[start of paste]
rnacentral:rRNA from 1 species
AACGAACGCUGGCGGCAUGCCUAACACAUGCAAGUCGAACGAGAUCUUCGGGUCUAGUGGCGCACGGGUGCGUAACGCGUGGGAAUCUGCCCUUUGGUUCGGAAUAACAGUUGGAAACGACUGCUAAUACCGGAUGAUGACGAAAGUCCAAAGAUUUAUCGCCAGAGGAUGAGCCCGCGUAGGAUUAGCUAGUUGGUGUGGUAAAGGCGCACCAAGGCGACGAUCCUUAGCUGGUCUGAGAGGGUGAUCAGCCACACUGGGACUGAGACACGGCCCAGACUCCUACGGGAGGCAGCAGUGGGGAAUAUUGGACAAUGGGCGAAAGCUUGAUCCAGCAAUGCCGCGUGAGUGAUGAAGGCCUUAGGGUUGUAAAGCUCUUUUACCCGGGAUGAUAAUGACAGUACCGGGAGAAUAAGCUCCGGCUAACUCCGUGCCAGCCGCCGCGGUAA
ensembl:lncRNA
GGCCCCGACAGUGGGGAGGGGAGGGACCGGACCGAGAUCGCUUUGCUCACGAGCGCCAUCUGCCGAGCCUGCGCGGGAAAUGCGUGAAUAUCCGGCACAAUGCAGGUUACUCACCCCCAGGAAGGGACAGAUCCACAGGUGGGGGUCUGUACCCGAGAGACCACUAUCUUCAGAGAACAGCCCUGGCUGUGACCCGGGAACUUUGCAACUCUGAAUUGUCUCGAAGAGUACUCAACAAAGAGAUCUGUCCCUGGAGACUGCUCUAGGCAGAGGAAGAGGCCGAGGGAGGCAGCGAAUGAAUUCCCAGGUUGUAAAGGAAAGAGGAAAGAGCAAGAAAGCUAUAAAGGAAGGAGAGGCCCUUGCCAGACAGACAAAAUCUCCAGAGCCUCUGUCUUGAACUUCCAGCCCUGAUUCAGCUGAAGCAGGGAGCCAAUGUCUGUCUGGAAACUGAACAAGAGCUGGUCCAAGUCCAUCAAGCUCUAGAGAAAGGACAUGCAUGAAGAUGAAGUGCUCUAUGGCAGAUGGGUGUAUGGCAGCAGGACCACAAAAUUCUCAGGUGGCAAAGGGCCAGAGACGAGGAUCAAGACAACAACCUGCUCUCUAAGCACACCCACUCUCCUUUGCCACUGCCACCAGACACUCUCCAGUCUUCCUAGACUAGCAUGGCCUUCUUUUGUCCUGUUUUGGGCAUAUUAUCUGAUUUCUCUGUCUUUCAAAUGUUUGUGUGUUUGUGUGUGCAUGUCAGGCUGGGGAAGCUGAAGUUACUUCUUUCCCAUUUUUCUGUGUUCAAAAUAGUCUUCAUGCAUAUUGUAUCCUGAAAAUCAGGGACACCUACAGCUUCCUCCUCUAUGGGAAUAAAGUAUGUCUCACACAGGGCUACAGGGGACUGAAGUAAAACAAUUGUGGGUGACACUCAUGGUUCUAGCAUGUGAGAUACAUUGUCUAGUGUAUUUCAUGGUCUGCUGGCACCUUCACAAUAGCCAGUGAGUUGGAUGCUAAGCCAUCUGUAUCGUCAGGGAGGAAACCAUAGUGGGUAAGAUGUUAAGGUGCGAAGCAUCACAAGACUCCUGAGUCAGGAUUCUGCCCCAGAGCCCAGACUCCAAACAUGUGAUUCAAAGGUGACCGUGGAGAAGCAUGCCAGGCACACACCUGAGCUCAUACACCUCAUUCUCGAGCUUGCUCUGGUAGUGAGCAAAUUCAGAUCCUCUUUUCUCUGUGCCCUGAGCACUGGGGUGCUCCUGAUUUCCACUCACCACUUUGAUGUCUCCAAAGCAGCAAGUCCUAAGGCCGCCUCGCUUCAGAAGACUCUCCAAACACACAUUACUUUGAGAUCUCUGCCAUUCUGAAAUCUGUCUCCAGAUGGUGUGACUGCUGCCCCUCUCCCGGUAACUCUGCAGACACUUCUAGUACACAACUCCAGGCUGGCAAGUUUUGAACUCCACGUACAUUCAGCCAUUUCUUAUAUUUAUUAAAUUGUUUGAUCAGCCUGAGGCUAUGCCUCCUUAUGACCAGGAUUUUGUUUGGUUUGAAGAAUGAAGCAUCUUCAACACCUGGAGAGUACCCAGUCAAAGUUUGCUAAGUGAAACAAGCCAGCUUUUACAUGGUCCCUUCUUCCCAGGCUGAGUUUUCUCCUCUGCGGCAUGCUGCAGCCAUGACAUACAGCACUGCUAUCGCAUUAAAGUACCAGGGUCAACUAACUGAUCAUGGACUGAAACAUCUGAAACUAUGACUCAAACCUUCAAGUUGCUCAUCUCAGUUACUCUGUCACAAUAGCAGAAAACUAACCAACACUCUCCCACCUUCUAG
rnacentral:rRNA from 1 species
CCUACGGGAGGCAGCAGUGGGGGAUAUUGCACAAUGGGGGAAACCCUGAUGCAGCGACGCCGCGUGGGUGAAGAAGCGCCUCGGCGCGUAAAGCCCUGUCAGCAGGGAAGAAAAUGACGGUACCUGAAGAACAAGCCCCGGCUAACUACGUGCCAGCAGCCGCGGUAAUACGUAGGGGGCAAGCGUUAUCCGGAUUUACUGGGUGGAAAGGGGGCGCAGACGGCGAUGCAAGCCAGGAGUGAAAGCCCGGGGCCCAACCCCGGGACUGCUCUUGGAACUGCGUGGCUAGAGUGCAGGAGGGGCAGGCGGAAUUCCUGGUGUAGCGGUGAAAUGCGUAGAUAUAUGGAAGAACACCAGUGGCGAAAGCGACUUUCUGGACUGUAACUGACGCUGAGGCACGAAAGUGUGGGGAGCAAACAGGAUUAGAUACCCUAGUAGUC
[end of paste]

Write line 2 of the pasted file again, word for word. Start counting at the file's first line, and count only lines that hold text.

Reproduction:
AACGAACGCUGGCGGCAUGCCUAACACAUGCAAGUCGAACGAGAUCUUCGGGUCUAGUGGCGCACGGGUGCGUAACGCGUGGGAAUCUGCCCUUUGGUUCGGAAUAACAGUUGGAAACGACUGCUAAUACCGGAUGAUGACGAAAGUCCAAAGAUUUAUCGCCAGAGGAUGAGCCCGCGUAGGAUUAGCUAGUUGGUGUGGUAAAGGCGCACCAAGGCGACGAUCCUUAGCUGGUCUGAGAGGGUGAUCAGCCACACUGGGACUGAGACACGGCCCAGACUCCUACGGGAGGCAGCAGUGGGGAAUAUUGGACAAUGGGCGAAAGCUUGAUCCAGCAAUGCCGCGUGAGUGAUGAAGGCCUUAGGGUUGUAAAGCUCUUUUACCCGGGAUGAUAAUGACAGUACCGGGAGAAUAAGCUCCGGCUAACUCCGUGCCAGCCGCCGCGGUAA